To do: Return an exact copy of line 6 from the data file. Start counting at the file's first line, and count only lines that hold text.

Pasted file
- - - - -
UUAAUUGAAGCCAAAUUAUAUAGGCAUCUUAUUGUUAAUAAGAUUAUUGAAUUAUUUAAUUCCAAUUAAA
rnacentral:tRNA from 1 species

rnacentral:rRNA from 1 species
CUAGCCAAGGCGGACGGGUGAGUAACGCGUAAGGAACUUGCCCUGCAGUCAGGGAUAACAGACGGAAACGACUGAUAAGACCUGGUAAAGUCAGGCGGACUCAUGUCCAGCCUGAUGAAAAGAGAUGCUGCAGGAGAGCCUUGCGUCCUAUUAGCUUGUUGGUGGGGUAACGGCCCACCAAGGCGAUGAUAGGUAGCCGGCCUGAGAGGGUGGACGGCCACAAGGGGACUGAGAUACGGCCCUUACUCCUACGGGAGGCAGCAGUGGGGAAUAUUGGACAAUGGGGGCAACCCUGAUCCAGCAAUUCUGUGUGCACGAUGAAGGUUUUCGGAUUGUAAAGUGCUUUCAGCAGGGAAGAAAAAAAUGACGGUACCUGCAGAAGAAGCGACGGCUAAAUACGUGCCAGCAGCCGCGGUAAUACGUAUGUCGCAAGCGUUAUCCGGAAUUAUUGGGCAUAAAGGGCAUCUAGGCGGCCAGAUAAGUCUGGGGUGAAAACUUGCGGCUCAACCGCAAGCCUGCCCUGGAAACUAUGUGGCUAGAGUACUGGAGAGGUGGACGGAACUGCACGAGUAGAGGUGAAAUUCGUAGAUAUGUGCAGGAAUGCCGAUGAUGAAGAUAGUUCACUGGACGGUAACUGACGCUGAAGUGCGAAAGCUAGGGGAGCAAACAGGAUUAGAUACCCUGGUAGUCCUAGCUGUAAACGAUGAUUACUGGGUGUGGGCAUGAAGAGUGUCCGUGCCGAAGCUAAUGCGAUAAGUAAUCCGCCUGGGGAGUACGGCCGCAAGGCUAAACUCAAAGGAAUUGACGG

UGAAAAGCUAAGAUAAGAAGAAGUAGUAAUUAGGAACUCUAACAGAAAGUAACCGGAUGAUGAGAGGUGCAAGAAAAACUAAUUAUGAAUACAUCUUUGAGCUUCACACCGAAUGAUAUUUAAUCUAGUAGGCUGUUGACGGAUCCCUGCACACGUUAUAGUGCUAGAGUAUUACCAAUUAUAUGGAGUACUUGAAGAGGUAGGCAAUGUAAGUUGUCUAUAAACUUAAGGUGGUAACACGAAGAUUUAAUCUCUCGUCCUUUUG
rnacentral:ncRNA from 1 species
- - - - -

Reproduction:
rnacentral:ncRNA from 1 species